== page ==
Sembcrop and SP have high hopes for new solar panel recycling techJanuary 25, 2019
Singapore wants to ensure that solar energy remains a clean source of renewable energy.
Sembcorp Industries, a leading utilities and marine group based in Singapore, has collaborated with the institution for higher learning, Singapore Polytechnic (SP), to develop Singapore’s first solar panel recycling process.
Solar energy is quickly becoming a primary renewable energy source in the island nation.
There’s no question that using solar PV (photovoltaic) panels to capture and generate energy from the sun is a clean source of renewable power. However, it will only remain this way as long as the industry manages to come up with a viable recycling and waste management solution for used solar panels that reach the end of their lifespan.
Solar panels in Singapore have not yet reached their 25-year life span, but with the rapid growth of this renewable power source in the island nation, without the proper recycling solution, solar panel waste could become a problem.
The International Renewable Energy Agency estimates that there will be 60 million tons of PV panel waste, globally, by the year 2050. Sembcorp Industries and SP believe that they have a solution to this massive waste issue, by using a specific solar panel recycling method.
Sembcorp and Singapore Polytechnic are developing a pilot solar panel recycling plant.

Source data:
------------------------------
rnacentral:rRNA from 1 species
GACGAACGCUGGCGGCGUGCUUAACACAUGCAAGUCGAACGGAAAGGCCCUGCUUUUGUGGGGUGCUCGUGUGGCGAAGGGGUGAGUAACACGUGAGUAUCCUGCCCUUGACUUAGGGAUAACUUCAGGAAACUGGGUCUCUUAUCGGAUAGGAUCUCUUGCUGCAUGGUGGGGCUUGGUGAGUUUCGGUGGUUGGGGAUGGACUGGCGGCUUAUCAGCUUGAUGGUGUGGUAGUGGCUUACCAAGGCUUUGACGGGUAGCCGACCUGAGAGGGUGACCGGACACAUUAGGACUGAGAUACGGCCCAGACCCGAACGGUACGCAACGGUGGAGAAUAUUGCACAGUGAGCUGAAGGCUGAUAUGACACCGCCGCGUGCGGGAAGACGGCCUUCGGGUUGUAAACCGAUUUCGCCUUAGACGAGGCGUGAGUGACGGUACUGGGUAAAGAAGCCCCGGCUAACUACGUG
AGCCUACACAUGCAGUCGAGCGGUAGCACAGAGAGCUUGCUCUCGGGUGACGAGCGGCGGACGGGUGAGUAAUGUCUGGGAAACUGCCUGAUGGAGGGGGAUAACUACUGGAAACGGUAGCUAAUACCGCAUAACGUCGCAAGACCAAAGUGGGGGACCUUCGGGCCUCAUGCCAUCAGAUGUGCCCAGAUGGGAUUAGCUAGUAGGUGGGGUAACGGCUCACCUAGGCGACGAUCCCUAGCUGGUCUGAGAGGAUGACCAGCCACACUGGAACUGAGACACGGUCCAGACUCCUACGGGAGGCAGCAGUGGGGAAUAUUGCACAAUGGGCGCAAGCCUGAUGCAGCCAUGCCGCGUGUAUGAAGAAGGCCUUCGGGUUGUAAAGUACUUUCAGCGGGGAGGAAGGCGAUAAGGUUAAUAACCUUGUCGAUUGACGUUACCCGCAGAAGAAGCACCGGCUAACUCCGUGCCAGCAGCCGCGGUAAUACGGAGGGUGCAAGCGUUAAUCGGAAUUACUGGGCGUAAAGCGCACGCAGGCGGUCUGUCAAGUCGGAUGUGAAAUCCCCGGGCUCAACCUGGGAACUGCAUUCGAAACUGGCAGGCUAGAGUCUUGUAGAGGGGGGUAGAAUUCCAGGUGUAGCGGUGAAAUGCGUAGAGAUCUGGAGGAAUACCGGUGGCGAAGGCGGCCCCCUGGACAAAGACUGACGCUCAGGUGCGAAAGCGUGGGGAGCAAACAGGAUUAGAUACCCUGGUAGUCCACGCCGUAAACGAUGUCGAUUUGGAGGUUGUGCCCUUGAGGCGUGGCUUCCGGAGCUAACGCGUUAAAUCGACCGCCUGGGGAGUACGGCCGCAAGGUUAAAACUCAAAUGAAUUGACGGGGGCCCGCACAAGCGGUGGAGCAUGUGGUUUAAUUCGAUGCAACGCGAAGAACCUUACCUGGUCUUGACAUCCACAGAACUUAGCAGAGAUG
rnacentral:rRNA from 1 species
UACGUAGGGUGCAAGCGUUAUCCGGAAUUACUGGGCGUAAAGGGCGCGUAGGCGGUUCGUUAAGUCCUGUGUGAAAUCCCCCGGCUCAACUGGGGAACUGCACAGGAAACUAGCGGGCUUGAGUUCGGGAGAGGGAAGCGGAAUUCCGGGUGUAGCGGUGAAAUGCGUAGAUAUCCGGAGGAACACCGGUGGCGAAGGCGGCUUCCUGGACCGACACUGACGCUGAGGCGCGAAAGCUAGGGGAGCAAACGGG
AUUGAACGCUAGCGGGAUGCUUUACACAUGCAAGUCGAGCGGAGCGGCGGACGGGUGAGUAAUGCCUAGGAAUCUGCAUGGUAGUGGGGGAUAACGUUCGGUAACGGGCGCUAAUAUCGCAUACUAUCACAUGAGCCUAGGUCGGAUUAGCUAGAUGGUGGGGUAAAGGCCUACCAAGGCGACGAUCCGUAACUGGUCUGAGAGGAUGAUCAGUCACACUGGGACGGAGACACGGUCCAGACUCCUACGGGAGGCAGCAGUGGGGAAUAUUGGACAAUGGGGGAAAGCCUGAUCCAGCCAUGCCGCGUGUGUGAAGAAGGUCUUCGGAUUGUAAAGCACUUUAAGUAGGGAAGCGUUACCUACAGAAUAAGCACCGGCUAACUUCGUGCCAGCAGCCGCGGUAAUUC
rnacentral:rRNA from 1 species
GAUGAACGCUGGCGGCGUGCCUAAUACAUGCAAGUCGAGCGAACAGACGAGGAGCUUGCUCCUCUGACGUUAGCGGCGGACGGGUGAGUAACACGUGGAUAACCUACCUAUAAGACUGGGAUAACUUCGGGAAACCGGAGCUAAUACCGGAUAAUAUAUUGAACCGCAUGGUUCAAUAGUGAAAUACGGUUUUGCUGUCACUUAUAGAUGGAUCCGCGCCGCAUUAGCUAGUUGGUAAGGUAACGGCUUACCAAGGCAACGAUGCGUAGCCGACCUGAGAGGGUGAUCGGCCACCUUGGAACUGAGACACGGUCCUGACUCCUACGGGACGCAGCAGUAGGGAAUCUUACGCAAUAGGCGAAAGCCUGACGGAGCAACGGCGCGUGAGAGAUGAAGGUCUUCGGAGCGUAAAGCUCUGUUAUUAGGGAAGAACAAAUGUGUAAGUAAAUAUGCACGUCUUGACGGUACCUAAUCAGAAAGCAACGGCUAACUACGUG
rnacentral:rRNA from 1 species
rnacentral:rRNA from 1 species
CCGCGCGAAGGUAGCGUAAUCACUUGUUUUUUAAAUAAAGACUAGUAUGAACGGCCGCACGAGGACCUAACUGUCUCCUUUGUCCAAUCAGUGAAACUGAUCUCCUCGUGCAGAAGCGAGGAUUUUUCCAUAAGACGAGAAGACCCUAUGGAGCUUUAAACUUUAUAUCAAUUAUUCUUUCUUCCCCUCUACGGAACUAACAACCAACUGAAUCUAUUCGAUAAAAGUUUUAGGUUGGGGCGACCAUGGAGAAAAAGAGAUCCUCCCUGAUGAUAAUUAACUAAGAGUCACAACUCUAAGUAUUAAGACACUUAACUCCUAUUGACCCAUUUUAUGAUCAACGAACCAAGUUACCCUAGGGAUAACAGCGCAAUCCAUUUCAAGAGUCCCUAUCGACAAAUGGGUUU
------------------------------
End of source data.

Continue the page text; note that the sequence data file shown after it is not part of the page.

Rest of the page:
The pilot recycling plant for solar panels that will be developed by Sembcorp and SP will allow Singapore Polytechnic to test its innovative technology to recycle solar panels. This process involves extracting recyclable materials from part of used solar panels. These materials include glass and silicon as well as metals such as silver and aluminum.
The goal is for the recycling tech to eventually be used to help recycle panels from Sembcorp’s rooftop solar power projects in Singapore. The solar panels have been installed at public housing blocks, government sites, schools and private commercial and industrial facilities.
If the recycling technology turns out to be commercially viable, the pilot plan can serve as a potential prototype for larger-scale recycling of used solar panels in Singapore and in other countries.
“We believe this focus on responsible resource management is especially timely, given that 2019 has been declared Singapore’s Year Towards Zero Waste,” said head of Sembcorp’s energy business in Singapore, South-east Asia and China, Koh Chiap Khiong, reported the Straits Times.
At the same time, we also see a strong need to build up a pool of skilled talent in Singapore, to support future solar projects competently,” he added.
In addition to helping ensure that Singapore’s solar energy industry remains a clean source of renewable energy, the solar panel recycling collaboration will also help to keep Singapore’s workforce relevant to the industry’s changing needs through continual education training courses.